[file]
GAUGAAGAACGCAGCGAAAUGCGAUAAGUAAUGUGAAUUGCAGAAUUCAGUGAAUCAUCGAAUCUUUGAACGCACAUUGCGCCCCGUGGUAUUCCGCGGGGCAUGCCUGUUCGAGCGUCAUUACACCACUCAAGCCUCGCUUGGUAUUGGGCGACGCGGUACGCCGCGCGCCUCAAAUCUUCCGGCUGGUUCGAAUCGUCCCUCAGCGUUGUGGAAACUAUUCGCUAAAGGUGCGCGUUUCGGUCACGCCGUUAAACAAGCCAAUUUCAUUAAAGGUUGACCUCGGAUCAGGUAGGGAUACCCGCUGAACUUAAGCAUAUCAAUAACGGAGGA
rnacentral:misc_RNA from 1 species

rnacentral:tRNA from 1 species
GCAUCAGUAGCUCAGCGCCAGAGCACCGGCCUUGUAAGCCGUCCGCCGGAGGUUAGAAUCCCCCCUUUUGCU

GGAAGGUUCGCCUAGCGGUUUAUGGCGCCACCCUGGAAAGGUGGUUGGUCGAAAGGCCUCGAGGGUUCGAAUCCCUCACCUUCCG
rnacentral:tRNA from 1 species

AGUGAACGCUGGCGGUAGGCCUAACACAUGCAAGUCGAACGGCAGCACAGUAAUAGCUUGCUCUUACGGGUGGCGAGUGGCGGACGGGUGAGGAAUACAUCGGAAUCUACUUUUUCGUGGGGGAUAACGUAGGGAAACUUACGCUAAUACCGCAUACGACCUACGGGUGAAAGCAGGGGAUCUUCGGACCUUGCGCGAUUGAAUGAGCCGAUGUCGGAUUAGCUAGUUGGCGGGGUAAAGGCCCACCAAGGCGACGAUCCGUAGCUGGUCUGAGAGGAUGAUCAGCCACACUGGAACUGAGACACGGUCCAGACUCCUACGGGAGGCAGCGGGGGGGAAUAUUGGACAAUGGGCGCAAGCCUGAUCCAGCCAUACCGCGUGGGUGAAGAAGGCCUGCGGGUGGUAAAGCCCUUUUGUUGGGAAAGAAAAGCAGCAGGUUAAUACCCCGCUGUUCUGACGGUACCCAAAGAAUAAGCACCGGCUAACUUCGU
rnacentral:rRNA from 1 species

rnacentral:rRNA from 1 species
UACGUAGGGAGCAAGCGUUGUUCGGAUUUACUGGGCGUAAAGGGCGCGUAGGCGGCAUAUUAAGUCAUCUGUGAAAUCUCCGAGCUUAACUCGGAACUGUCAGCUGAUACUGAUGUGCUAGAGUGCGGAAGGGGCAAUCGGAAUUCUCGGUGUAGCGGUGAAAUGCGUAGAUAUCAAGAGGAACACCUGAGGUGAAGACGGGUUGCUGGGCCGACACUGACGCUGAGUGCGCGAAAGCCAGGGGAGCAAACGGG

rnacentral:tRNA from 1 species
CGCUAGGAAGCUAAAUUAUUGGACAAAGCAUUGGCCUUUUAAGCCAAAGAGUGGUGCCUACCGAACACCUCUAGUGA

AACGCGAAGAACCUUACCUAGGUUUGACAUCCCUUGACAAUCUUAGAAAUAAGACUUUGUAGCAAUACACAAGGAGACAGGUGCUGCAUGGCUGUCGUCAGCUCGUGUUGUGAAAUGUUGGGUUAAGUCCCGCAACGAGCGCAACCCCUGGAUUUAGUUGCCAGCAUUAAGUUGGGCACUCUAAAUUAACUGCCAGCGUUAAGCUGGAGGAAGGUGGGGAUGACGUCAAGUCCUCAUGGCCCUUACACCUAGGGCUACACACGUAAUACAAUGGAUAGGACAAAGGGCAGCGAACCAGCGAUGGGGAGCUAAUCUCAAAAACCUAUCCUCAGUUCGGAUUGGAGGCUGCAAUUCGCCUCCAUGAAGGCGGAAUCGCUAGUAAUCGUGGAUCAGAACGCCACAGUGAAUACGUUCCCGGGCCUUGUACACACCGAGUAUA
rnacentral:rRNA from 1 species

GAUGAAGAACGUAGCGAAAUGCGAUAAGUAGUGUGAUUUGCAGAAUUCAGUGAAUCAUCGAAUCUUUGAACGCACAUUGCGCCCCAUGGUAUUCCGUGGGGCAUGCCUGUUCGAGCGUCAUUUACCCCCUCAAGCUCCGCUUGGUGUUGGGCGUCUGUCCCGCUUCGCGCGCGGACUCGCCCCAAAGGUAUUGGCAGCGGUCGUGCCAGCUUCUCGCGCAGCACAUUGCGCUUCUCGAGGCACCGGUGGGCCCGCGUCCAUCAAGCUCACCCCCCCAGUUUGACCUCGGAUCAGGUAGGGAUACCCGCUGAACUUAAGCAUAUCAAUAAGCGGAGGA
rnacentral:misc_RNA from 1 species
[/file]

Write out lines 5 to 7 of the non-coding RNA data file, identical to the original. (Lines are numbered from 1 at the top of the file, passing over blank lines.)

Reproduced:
GGAAGGUUCGCCUAGCGGUUUAUGGCGCCACCCUGGAAAGGUGGUUGGUCGAAAGGCCUCGAGGGUUCGAAUCCCUCACCUUCCG
rnacentral:tRNA from 1 species

AGUGAACGCUGGCGGUAGGCCUAACACAUGCAAGUCGAACGGCAGCACAGUAAUAGCUUGCUCUUACGGGUGGCGAGUGGCGGACGGGUGAGGAAUACAUCGGAAUCUACUUUUUCGUGGGGGAUAACGUAGGGAAACUUACGCUAAUACCGCAUACGACCUACGGGUGAAAGCAGGGGAUCUUCGGACCUUGCGCGAUUGAAUGAGCCGAUGUCGGAUUAGCUAGUUGGCGGGGUAAAGGCCCACCAAGGCGACGAUCCGUAGCUGGUCUGAGAGGAUGAUCAGCCACACUGGAACUGAGACACGGUCCAGACUCCUACGGGAGGCAGCGGGGGGGAAUAUUGGACAAUGGGCGCAAGCCUGAUCCAGCCAUACCGCGUGGGUGAAGAAGGCCUGCGGGUGGUAAAGCCCUUUUGUUGGGAAAGAAAAGCAGCAGGUUAAUACCCCGCUGUUCUGACGGUACCCAAAGAAUAAGCACCGGCUAACUUCGU